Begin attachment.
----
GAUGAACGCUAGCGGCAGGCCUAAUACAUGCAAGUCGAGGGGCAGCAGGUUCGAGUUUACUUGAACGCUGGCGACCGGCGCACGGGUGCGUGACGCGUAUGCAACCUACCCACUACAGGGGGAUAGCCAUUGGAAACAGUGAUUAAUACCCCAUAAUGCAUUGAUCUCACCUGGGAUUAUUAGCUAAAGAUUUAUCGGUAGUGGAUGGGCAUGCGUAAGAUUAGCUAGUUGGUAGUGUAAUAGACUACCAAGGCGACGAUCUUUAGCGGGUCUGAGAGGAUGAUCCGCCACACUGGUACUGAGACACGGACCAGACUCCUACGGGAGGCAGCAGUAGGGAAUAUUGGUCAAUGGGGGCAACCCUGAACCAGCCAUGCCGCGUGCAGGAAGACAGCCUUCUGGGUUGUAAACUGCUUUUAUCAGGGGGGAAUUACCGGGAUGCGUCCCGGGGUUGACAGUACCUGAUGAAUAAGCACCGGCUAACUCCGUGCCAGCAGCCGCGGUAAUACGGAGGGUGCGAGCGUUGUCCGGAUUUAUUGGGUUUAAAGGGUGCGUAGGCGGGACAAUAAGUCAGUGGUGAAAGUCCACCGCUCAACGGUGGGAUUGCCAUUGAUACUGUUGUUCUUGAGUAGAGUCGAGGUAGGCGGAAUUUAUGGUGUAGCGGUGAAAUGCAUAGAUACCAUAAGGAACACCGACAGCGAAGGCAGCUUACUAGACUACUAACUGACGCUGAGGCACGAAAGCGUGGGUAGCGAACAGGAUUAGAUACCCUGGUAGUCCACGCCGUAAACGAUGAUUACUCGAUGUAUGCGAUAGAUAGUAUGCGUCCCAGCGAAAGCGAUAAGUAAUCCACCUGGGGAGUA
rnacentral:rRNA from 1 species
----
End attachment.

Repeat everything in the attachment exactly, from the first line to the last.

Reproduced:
GAUGAACGCUAGCGGCAGGCCUAAUACAUGCAAGUCGAGGGGCAGCAGGUUCGAGUUUACUUGAACGCUGGCGACCGGCGCACGGGUGCGUGACGCGUAUGCAACCUACCCACUACAGGGGGAUAGCCAUUGGAAACAGUGAUUAAUACCCCAUAAUGCAUUGAUCUCACCUGGGAUUAUUAGCUAAAGAUUUAUCGGUAGUGGAUGGGCAUGCGUAAGAUUAGCUAGUUGGUAGUGUAAUAGACUACCAAGGCGACGAUCUUUAGCGGGUCUGAGAGGAUGAUCCGCCACACUGGUACUGAGACACGGACCAGACUCCUACGGGAGGCAGCAGUAGGGAAUAUUGGUCAAUGGGGGCAACCCUGAACCAGCCAUGCCGCGUGCAGGAAGACAGCCUUCUGGGUUGUAAACUGCUUUUAUCAGGGGGGAAUUACCGGGAUGCGUCCCGGGGUUGACAGUACCUGAUGAAUAAGCACCGGCUAACUCCGUGCCAGCAGCCGCGGUAAUACGGAGGGUGCGAGCGUUGUCCGGAUUUAUUGGGUUUAAAGGGUGCGUAGGCGGGACAAUAAGUCAGUGGUGAAAGUCCACCGCUCAACGGUGGGAUUGCCAUUGAUACUGUUGUUCUUGAGUAGAGUCGAGGUAGGCGGAAUUUAUGGUGUAGCGGUGAAAUGCAUAGAUACCAUAAGGAACACCGACAGCGAAGGCAGCUUACUAGACUACUAACUGACGCUGAGGCACGAAAGCGUGGGUAGCGAACAGGAUUAGAUACCCUGGUAGUCCACGCCGUAAACGAUGAUUACUCGAUGUAUGCGAUAGAUAGUAUGCGUCCCAGCGAAAGCGAUAAGUAAUCCACCUGGGGAGUA
rnacentral:rRNA from 1 species